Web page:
Landscapes - People - Global change

Month: April 2023

Transforming Climate Action

Stand in front of the fish, they said. But I don’t work on fish!

Excited to hear the official announcement today that the CFREF (Canada First Research Excellence Fund) has funded Dalhousie’s largest research grant in its history, Transforming Climate Action: Addressing the Missing Ocean. (Too bad the acronym of TCA is the same as TransCoastal Adaptations, my other interdiscplinary coastal team.) I’m on this one, thanks to the third goal of “people-centric adaptation solutions to ocean and climate change based on science, developed in collaboration with communities and informed by Indigenous ways of knowing” (as the Dal President’s memo put it earlier today). In the lead-up they did a little profile of me that you can find here.

Bon voyage, Ellen

Ellen Chappell (MES'19) visited SRES before heading off to her PhD in the Netherlands.

Ellen Chappell (MES’19) visited SRES before heading off to her PhD in the Netherlands.

I was so happy to see Ellen Chappell in the SRES suite on Monday, before she heads off to Radboud University’s  Institute of Biological and Environmental Sciences in the Netherlands to work on land-based carbon offsetting for her PhD. Ellen finished her MES back in 2019 and has been working for the Federal Government since then.  Hearing her talk about the adventures ahead of her made me wistful; if I was starting out again I’d do it so much better than I did the first time!

Panel role on ocean and coastal research at Dal

Four scholars in a panel set up in front of Dalhousie banners.

Getting things going at the ODL event on April 20, 2023

Last night I joined Drs Anya Waite, Mike Smit and Will Burt (of Planetary) on an Open Dialogue Live session run by Dalhousie about Accelerating Ocean Research. Inspired by the university’s CFREF proposal Transforming Climate Action, we covered the wide range of oceans research being done at Dalhousie, and the kind of rich collaborations across disciplines that will be necessary to bring oceans and coasts into the climate change solution. The event was live-streamed on YouTube and is still available there for watching. I was glad to have a chance to mention the need for ‘electoral will’ to support the political will necessary to make difficult decisions in the face of big challenges, referencing the disappointing recent decision to send the long-awaited Coastal Protection Act back to ‘public consultation’ rather than forward to regulatory development. Thanks to my co-panelists for a fun and sometimes surprising evening.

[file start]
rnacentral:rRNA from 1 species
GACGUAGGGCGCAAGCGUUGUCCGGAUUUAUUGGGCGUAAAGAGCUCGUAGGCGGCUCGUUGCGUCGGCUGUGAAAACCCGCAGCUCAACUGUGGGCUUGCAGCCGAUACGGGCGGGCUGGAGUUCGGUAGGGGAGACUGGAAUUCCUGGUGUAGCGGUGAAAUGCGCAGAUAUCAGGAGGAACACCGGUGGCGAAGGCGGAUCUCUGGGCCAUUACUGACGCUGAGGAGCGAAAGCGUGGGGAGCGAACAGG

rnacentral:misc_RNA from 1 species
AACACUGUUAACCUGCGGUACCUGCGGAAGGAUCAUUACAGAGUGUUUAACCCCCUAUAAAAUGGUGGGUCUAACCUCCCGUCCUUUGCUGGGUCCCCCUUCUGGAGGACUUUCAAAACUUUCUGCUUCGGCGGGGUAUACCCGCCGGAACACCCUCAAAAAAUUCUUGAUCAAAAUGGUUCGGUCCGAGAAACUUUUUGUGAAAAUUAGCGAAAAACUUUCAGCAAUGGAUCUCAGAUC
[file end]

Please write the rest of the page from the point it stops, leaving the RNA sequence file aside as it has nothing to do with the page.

New research note on farmer ‘fenceline behaviour’

Table 1 in our Agriculture and Human Values research note, showing the statements used in our novel ‘fenceline behaviour’ question set.

At long last, a research note is out today in Agriculture and Human Values that had its genesis at many different farmer kitchen tables during past qualitative field work, going as far back as my Australian postdoc in 2008. I repeatedly heard things that suggested that direct neighbours had an impact on farm management and adoption behaviour, and not necessarily in the generally positive way suggested by diffusion of innovation theory.  In 2020 when I was hiring Kynetec to do a survey of beef producers in Canada, I turned those comments into a novel question set about ‘fenceline behaviour’, to see how those ideas looked at a population level and if there seemed to be any associations with adoption behaviour. In our new research note, Are fencelines sites of engagement or avoidance in farmer adoption of alternative practices? we identified two different clusters of farmers based on answers to those 8 statements–fenceline engagers and fenceline avoiders–and also found that farmers using adaptive multi-paddock grazing were three times more likely to be engagers. This suggests that feelings of vulnerability at the fenceline can discourage farmers who are avoiders from experimentation with new farm management approaches.  Some statements were more useful than others at differentiating between these two types. Most farmers agreed mildly, on average, that fencelines provide a good site for diagnosis: comparing the impacts of their practices relative to their neighbours. But there was a wide range of responses to, “It is ‘live and let live’ with my farming neighbours: they don’t comment on my practices and I don’t comment on theirs”, which is a rural expression of the ‘civil inattention’ concept first described by Erving Goffman in cities. We hope that others will build on this work, for instance to explore trust and norms in more detail with farm neighbours, micro-scale adoption communication and causality.

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